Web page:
Aphria (TSX:APHA)(NYSE:APHA) has a presence in more than 10 countries with five high-quality brands, including its Soleil brand, addressing different segments of the cannabis market. It is one of the more attractively valued cannabis stocks.
With Aphria’s third-quarter fiscal 2019 earnings results, we saw its stock price get hit hard, plummeting almost 15% on the day of the release.
The disappointment was in the fact that revenue increased less than expected, growing 240% versus last quarter to $73.5 million, and EPS dropped to a net loss of $0.43 versus net income of $0.22 last quarter.
But the quarter seems to have been a bit of a reset quarter.
Aphria wrote down its Latin American acquisition, which it decided to do in conjunction with the SEC, who requested a review of it. So, this was part of the reason for the earnings shortfall, but it was not the full story. Because even after we adjust for the writedown, Aphria’s net loss was still a hefty $0.20 per share.
So, here are some of the more positive points from the quarter and management’s update.
Drive to automation
Aphria has 2.4 million square feet available to it for cannabis production. The company is in the midst of transforming its process from a mostly manual one to an automated one.
With this new industrial scale automation, we will see margins improve substantially.
The adjusted gross profit margin was 18.2% in the quarter compared to 46.9% in the second quarter; costs crept higher as the company moves toward scale and automation.
Big sales targets
Sales and margins next quarter will be similar to this quarter, as the company continues to focus on long-term growth, and this may cause short-term stock price weakness.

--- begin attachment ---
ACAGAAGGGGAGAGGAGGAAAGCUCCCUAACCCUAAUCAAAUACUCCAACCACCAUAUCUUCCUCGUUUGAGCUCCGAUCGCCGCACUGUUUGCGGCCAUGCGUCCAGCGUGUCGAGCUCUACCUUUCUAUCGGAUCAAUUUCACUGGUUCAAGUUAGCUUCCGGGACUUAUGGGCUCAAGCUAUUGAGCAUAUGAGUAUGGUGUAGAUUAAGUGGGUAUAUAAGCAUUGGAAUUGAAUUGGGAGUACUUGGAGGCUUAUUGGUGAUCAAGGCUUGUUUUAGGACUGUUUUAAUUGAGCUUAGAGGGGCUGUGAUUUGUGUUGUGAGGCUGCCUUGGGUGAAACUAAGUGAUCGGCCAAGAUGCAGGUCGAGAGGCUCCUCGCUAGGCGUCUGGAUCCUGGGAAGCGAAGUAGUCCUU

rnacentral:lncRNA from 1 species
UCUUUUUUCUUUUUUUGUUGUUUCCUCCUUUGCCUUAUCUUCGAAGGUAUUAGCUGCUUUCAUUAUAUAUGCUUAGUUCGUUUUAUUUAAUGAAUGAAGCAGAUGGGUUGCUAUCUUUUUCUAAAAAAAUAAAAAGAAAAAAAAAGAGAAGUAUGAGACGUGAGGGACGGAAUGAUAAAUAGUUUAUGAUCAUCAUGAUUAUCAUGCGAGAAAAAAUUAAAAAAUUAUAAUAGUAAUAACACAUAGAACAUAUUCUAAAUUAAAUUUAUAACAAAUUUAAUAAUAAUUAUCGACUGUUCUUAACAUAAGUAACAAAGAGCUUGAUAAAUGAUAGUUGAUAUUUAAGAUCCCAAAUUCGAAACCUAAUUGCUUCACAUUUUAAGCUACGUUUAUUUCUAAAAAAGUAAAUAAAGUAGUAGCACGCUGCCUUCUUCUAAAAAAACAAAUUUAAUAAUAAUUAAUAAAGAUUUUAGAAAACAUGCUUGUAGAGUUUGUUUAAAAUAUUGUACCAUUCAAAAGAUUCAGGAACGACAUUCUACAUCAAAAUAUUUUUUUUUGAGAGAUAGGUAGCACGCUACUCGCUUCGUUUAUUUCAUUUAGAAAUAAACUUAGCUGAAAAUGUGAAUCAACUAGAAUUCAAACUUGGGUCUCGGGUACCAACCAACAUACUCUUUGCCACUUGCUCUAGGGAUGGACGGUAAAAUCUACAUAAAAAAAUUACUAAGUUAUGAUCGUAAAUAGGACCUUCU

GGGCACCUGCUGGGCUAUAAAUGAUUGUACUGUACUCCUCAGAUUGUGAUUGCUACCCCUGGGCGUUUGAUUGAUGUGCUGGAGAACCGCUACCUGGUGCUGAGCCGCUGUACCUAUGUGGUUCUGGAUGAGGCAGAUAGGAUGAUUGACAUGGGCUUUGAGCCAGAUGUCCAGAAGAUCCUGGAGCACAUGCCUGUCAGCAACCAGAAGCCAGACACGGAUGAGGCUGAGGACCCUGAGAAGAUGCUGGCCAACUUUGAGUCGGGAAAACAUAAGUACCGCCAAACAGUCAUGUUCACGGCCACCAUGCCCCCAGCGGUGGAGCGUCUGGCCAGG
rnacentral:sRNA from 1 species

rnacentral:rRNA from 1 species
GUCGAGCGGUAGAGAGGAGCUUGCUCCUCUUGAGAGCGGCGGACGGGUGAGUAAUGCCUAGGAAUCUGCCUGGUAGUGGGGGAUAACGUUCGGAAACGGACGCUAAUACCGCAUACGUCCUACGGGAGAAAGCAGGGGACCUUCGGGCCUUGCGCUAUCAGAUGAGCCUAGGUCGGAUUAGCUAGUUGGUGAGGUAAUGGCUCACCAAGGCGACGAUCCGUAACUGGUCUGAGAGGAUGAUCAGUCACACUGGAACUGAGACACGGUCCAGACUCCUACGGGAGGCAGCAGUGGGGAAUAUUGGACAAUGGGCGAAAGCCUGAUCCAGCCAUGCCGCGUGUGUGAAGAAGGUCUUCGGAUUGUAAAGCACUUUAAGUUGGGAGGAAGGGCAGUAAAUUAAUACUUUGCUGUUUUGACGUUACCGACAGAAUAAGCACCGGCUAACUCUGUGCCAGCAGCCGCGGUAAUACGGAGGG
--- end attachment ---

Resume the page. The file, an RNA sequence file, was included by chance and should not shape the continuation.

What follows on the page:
Management expects annualized revenue of $500 million by the end of the calendar year and $1 billion by end of the 2020 calendar year.
Two new directors
Two new independent directors have joined Aphria, one of which was formally a director of the immensely successful Whole Foods chain.
As time moves forward, the risk of investing in cannabis stocks continues to decline.
This is because visibility is slowly improving, companies are proving themselves, and while spending is still happening at a fast and furious pace, the ultimate goal of earnings is approaching.
Recently, we have been seeing weakness in Aphria stock, which is down 22% since February highs. I believe this weakness will continue in the short term, which will give investors the opportunity to add the stock at lower prices going forward.
So, I would start thinking of dipping my toes in, but I would only buy on weakness.
Be patient and disciplined and pick your entry points wisely.
This article represents the opinion of the writer, who may disagree with the “official” recommendation position of a Motley Fool premium service or advisor. We’re Motley! Questioning an investing thesis — even one of our own — helps us all think critically about investing and make decisions that help us become smarter, happier, and richer, so we sometimes publish articles that may not be in line with recommendations, rankings or other content.
Fool contributor Karen Thomas has no position in any of the stocks mentioned.